Why you gotta hurt me like you do, baby?
Year Released: 2013
Do you like cafe racers? Of course you do. Do you like the prices that pre-built cafe racers based on old 60s and 70s-era British and Japanese iron command? Eeeeeeh, not so much, right? So what's a motorcyclist supposed to do when they want those sweet cafe racer looks but they have Craigslist money? Friends, I give you the Continental GT by Royal Enfield.
The Continental GT was, believe it or not, the first all-new bike design from India-based Royal Enfield in roughly 50 years when it was released in 2013. Based on the legendary Continental GT 250 and penned by the famous English design house Xenophya, the new Continental GT was also the first Enfield bike to use international-quality materials in its construction. It has a double-loop frame designed by England's Harris Performance, Pirelli tires, Brembo brakes, and fancy-shhmancy Paioli performance shocks with remote reservoirs.
Driving this pre-fab cafe is a 535cc, fuel-injected, air-cooled, 4-stroke single delivering a slightly underwhelming 29 horsepower through a five-speed transmission. It's a little heavier than it needs to be, and has more than its share of bargain basement parts bin accessories, something Royal Enfield is notorious for. That said, despite its rough edges it's a good looking bike and, once you get past Enfield's dubious reputation, it's a blast to ride.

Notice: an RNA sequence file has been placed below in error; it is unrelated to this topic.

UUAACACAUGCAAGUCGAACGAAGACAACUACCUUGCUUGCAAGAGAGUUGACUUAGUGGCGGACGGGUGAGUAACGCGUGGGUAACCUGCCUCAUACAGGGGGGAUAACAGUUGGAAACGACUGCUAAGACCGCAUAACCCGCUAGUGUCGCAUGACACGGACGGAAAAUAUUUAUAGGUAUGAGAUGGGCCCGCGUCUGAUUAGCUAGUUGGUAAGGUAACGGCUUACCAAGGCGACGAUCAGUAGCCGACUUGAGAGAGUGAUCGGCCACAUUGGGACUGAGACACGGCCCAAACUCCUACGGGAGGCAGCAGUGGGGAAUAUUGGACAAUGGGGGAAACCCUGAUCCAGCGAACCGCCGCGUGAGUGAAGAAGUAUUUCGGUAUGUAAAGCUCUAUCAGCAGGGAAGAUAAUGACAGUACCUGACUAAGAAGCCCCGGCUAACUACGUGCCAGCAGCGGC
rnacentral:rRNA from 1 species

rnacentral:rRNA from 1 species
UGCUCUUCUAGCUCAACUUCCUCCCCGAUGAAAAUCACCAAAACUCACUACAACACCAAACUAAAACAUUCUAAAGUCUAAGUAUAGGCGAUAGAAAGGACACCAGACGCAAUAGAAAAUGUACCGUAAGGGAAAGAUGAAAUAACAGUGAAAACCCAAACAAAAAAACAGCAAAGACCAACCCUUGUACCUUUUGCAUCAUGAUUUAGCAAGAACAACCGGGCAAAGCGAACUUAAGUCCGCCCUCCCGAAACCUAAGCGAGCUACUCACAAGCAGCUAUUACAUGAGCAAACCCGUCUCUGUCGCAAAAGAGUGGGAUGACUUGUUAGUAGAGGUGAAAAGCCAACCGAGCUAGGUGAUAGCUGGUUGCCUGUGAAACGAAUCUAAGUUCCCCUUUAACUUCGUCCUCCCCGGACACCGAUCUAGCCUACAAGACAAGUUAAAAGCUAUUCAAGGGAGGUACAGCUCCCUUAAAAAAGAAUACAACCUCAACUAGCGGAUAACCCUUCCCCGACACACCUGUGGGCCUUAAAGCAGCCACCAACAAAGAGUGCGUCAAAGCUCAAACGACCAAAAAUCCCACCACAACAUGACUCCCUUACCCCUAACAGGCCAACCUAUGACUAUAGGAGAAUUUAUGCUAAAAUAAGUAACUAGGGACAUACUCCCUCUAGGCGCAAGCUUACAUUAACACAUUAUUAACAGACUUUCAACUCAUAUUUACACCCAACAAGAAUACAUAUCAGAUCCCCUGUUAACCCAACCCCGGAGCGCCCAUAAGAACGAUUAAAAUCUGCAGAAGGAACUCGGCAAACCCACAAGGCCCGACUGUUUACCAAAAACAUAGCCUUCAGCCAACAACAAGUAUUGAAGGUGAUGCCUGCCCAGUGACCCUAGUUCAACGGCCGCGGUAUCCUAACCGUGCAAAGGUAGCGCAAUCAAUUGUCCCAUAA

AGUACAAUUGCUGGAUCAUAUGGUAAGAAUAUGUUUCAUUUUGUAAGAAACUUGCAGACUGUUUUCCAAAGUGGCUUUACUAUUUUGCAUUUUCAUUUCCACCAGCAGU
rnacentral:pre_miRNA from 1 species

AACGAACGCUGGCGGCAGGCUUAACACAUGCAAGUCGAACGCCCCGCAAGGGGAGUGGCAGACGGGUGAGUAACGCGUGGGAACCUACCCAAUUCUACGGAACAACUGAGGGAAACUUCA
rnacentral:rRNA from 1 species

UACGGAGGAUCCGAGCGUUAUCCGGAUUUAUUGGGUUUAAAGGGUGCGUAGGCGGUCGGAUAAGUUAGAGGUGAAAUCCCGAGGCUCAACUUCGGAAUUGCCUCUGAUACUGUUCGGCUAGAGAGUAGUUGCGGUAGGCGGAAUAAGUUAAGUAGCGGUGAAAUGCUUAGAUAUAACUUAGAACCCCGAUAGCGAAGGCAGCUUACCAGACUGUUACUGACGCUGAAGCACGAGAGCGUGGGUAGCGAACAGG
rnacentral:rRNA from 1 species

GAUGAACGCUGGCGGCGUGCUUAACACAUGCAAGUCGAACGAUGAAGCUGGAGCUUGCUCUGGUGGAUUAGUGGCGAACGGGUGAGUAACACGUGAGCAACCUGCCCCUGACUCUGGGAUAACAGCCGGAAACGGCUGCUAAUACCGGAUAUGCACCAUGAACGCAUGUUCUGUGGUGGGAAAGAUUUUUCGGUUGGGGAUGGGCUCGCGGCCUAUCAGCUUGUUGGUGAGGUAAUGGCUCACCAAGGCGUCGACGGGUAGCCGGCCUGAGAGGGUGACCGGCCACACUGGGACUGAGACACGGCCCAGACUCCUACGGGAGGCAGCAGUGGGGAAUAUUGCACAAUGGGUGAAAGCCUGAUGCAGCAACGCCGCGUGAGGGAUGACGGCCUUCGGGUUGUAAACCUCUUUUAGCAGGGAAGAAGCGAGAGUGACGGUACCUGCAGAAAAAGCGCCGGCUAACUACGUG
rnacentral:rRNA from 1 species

Why is the Continental GT in the honorable mention section though? Well, I'm not going to lie to you guys, the Continental GT isn't a great bike. It suffers from the typical fit and finish issues and mechanical gremlins that plague all of Royal Enfield's bikes despite the fact that they've had 60-some years to get production squared away. That said, quality is reportedly improving in the modern day, and it's a great-looking cafe-styled bike you can take home today for well under six grand. It may not be great, it may not even be good, but it's good enough.